In a two-part blog, Blood:Water founder and senior development officer, Dan Haseltine, shares what makes Blood:Water so unique in the way it works.
PART I: SHARED EXPERIENCES
“Just let me do it!” The words came out as more of a frustrated sigh than a full-voiced command. But as he nudged me out of the way, I could feel my powerlessness well up. Any hopes that I could solve my own problem had been turned to a guttural lump of shame and I slumped out of the way to take shape as a puddle of dissolving dignity. I felt worthless.
I find that the memories I have surrounding feelings of inadequacy born out of someone’s impatient interception of effort and skill are some of the most powerfully charged memories I have. I was a kid with low self-esteem who spent a lot of time convincing myself that I could complete a task, or build something, or become someone great. Some people have an internal voice that affirms them to the point that they actually feel like they could do ANYTHING they want and be good at it. My internal voice was the opposite. I was often convinced that I would fail before I even began a task or faced a challenge, and the kind of rebar in concrete, reinforcement woven into my mind from failures was so incredibly difficult to dismantle or rebut that I often never did.
I have wrestled those negative thoughts down into a much more manageable and domesticated animal, but that does not mean that I do not stand in front of the tools for a good couple hours fending off the growls of self pre-defeat at the onset of a project.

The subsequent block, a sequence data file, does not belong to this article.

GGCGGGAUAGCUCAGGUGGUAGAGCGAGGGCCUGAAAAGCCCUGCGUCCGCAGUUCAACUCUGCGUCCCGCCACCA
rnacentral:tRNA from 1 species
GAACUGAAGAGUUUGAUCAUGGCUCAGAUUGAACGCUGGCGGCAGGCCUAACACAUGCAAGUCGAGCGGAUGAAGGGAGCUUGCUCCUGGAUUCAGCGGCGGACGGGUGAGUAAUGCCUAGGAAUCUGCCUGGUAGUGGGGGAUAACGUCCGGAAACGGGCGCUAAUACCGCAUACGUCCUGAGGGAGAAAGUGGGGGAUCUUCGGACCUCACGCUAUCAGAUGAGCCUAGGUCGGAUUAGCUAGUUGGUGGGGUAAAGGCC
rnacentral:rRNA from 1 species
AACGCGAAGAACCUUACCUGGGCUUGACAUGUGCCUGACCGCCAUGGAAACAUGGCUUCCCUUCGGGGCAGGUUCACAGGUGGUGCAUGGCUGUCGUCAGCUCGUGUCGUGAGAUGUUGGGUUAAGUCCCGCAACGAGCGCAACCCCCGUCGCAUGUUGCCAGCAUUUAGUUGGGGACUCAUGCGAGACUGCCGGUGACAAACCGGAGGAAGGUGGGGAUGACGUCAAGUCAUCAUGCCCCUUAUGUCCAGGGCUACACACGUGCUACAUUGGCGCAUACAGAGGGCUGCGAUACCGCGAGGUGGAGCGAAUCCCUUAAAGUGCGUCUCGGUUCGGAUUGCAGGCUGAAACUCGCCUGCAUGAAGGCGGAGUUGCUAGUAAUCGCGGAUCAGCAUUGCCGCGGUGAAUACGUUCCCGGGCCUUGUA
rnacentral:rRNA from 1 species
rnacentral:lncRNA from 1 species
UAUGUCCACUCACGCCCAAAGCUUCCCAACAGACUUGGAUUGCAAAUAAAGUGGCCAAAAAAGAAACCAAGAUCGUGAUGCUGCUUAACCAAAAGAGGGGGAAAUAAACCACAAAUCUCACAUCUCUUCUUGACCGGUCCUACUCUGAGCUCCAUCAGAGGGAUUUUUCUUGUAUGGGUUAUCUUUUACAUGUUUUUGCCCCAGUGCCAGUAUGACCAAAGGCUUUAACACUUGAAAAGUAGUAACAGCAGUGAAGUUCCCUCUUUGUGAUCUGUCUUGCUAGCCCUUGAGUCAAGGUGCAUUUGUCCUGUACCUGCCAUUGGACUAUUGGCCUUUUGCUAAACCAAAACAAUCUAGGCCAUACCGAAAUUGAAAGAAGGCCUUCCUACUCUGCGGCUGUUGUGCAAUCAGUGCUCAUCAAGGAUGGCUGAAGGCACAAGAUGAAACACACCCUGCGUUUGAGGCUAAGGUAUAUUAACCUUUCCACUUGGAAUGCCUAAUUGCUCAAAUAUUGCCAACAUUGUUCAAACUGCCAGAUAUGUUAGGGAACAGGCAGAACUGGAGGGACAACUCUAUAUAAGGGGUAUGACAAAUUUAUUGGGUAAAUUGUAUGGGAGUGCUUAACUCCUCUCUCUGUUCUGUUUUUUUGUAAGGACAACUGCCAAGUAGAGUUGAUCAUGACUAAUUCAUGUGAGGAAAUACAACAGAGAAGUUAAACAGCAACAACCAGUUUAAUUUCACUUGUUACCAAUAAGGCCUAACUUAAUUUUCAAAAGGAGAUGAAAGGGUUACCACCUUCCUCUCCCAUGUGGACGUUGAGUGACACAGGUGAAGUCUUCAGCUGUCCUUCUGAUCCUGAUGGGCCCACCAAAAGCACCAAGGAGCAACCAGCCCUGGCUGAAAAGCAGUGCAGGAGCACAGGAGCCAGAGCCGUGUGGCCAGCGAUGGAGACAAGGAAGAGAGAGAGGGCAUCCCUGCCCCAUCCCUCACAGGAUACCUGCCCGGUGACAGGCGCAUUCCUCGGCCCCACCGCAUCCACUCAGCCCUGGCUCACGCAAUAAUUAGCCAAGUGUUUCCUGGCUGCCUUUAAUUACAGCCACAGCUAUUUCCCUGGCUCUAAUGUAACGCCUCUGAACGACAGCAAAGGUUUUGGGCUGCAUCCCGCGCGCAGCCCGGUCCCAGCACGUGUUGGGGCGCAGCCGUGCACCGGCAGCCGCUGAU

I wonder what I could’ve done in the world had I not had to wade through the tar pits of self-doubt and project paralysis at the front of everything I conjured or attempted to pursue.
But this writing exercise is not supposed to be about me. In the communities where Blood:Water works, there are people who share the experience of self-doubt, ingrained confirmation of their weakness, and inability to affect their own destiny. I once worked in an office that had an old clock that emitted a constant, low, humming noise. It would drive me crazy for a little while until my ear got used to it and I became deaf to it.
Poverty and disease work like that old clock on the minds of people caught in their cycles. Only the low, humming noise sings with a mantra bent on destroying the value of a human being. Every day, people wake up in the grip of disease and other effects of poverty. And although people attempt to answer core questions like, “Do I matter?” and “Do I have what it takes?,” or “Am I capable?” and “Do I have any value in the world?” in the affirmative, poverty keeps telling them that they do not matter, that they do not have what it takes, that they are not capable, and ultimately they do not have any value in the world. Eventually, poverty keeps humming along while everyone caught within earshot gets used to it while it continues along in its corrosive, low tone, undermining all creative inspirations for positive change in a community.
Eventually, people believe the humming sound. How could a person not? And when the shiny Land Cruisers drive up and the pale white, pink-nosed men wearing khaki pants and the latest North Face UV protective safari shirts with their organizational logo embroidered above the pocket, step out and say, “Just move over and let me do this,” there is very little resistance from the people in the local community. They already knew they couldn’t do anything to help themselves.